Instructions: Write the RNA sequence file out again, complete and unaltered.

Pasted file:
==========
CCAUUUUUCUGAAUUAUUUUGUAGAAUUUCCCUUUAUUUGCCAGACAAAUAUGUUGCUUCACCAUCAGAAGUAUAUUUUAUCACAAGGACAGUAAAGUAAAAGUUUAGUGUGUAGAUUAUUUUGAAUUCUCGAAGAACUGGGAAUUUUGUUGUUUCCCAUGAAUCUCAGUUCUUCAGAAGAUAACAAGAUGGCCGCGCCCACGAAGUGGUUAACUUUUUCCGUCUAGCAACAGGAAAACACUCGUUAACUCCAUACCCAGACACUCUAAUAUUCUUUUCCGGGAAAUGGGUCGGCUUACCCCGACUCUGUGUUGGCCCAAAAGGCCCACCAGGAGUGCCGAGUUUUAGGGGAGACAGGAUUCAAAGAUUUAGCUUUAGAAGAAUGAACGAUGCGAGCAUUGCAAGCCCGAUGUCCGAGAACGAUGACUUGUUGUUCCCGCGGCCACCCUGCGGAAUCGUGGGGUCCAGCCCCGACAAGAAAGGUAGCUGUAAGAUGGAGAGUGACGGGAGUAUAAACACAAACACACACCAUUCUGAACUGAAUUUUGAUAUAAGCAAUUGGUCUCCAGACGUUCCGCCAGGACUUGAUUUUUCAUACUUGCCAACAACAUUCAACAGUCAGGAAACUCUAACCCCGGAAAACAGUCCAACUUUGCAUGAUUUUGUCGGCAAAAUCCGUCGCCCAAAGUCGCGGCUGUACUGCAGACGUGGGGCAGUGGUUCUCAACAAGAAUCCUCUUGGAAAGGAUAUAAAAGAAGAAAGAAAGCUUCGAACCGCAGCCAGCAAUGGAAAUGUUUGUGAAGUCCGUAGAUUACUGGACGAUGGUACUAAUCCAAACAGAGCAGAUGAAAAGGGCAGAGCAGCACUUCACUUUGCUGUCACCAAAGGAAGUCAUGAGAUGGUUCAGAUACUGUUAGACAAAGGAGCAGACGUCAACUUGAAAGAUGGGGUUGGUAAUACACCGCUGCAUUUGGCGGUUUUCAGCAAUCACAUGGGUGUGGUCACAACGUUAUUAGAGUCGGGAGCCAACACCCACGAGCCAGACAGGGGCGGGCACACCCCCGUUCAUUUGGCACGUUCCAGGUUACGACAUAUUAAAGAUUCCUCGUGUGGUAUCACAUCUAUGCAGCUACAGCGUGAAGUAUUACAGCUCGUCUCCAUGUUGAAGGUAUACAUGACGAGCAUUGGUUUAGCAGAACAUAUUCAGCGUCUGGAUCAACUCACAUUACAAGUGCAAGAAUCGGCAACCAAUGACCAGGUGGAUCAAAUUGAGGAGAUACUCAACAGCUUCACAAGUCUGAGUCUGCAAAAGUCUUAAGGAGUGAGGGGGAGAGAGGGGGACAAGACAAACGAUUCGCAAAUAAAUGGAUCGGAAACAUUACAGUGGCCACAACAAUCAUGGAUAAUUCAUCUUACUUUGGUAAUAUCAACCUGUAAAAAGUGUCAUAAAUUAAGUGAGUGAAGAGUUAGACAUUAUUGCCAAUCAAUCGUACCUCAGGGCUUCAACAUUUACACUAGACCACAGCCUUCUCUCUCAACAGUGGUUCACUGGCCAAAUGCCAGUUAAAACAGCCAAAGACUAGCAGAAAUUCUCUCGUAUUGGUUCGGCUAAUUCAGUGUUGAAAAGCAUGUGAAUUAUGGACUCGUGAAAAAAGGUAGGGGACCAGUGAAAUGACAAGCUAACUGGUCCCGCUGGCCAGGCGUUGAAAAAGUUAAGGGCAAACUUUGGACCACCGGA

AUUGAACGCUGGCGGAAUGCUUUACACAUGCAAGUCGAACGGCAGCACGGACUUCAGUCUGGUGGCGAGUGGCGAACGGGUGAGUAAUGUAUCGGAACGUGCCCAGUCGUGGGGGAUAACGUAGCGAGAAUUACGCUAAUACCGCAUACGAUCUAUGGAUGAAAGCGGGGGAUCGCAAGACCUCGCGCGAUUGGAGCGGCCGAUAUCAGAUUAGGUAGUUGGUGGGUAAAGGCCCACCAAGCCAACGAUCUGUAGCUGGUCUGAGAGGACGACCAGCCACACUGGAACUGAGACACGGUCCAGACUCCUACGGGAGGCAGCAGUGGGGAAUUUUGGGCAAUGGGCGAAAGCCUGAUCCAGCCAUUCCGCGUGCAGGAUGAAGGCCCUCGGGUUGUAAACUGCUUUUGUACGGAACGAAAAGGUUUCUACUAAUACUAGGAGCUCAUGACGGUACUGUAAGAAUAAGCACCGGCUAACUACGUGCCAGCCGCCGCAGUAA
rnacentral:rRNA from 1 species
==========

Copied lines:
CCAUUUUUCUGAAUUAUUUUGUAGAAUUUCCCUUUAUUUGCCAGACAAAUAUGUUGCUUCACCAUCAGAAGUAUAUUUUAUCACAAGGACAGUAAAGUAAAAGUUUAGUGUGUAGAUUAUUUUGAAUUCUCGAAGAACUGGGAAUUUUGUUGUUUCCCAUGAAUCUCAGUUCUUCAGAAGAUAACAAGAUGGCCGCGCCCACGAAGUGGUUAACUUUUUCCGUCUAGCAACAGGAAAACACUCGUUAACUCCAUACCCAGACACUCUAAUAUUCUUUUCCGGGAAAUGGGUCGGCUUACCCCGACUCUGUGUUGGCCCAAAAGGCCCACCAGGAGUGCCGAGUUUUAGGGGAGACAGGAUUCAAAGAUUUAGCUUUAGAAGAAUGAACGAUGCGAGCAUUGCAAGCCCGAUGUCCGAGAACGAUGACUUGUUGUUCCCGCGGCCACCCUGCGGAAUCGUGGGGUCCAGCCCCGACAAGAAAGGUAGCUGUAAGAUGGAGAGUGACGGGAGUAUAAACACAAACACACACCAUUCUGAACUGAAUUUUGAUAUAAGCAAUUGGUCUCCAGACGUUCCGCCAGGACUUGAUUUUUCAUACUUGCCAACAACAUUCAACAGUCAGGAAACUCUAACCCCGGAAAACAGUCCAACUUUGCAUGAUUUUGUCGGCAAAAUCCGUCGCCCAAAGUCGCGGCUGUACUGCAGACGUGGGGCAGUGGUUCUCAACAAGAAUCCUCUUGGAAAGGAUAUAAAAGAAGAAAGAAAGCUUCGAACCGCAGCCAGCAAUGGAAAUGUUUGUGAAGUCCGUAGAUUACUGGACGAUGGUACUAAUCCAAACAGAGCAGAUGAAAAGGGCAGAGCAGCACUUCACUUUGCUGUCACCAAAGGAAGUCAUGAGAUGGUUCAGAUACUGUUAGACAAAGGAGCAGACGUCAACUUGAAAGAUGGGGUUGGUAAUACACCGCUGCAUUUGGCGGUUUUCAGCAAUCACAUGGGUGUGGUCACAACGUUAUUAGAGUCGGGAGCCAACACCCACGAGCCAGACAGGGGCGGGCACACCCCCGUUCAUUUGGCACGUUCCAGGUUACGACAUAUUAAAGAUUCCUCGUGUGGUAUCACAUCUAUGCAGCUACAGCGUGAAGUAUUACAGCUCGUCUCCAUGUUGAAGGUAUACAUGACGAGCAUUGGUUUAGCAGAACAUAUUCAGCGUCUGGAUCAACUCACAUUACAAGUGCAAGAAUCGGCAACCAAUGACCAGGUGGAUCAAAUUGAGGAGAUACUCAACAGCUUCACAAGUCUGAGUCUGCAAAAGUCUUAAGGAGUGAGGGGGAGAGAGGGGGACAAGACAAACGAUUCGCAAAUAAAUGGAUCGGAAACAUUACAGUGGCCACAACAAUCAUGGAUAAUUCAUCUUACUUUGGUAAUAUCAACCUGUAAAAAGUGUCAUAAAUUAAGUGAGUGAAGAGUUAGACAUUAUUGCCAAUCAAUCGUACCUCAGGGCUUCAACAUUUACACUAGACCACAGCCUUCUCUCUCAACAGUGGUUCACUGGCCAAAUGCCAGUUAAAACAGCCAAAGACUAGCAGAAAUUCUCUCGUAUUGGUUCGGCUAAUUCAGUGUUGAAAAGCAUGUGAAUUAUGGACUCGUGAAAAAAGGUAGGGGACCAGUGAAAUGACAAGCUAACUGGUCCCGCUGGCCAGGCGUUGAAAAAGUUAAGGGCAAACUUUGGACCACCGGA

AUUGAACGCUGGCGGAAUGCUUUACACAUGCAAGUCGAACGGCAGCACGGACUUCAGUCUGGUGGCGAGUGGCGAACGGGUGAGUAAUGUAUCGGAACGUGCCCAGUCGUGGGGGAUAACGUAGCGAGAAUUACGCUAAUACCGCAUACGAUCUAUGGAUGAAAGCGGGGGAUCGCAAGACCUCGCGCGAUUGGAGCGGCCGAUAUCAGAUUAGGUAGUUGGUGGGUAAAGGCCCACCAAGCCAACGAUCUGUAGCUGGUCUGAGAGGACGACCAGCCACACUGGAACUGAGACACGGUCCAGACUCCUACGGGAGGCAGCAGUGGGGAAUUUUGGGCAAUGGGCGAAAGCCUGAUCCAGCCAUUCCGCGUGCAGGAUGAAGGCCCUCGGGUUGUAAACUGCUUUUGUACGGAACGAAAAGGUUUCUACUAAUACUAGGAGCUCAUGACGGUACUGUAAGAAUAAGCACCGGCUAACUACGUGCCAGCCGCCGCAGUAA
rnacentral:rRNA from 1 species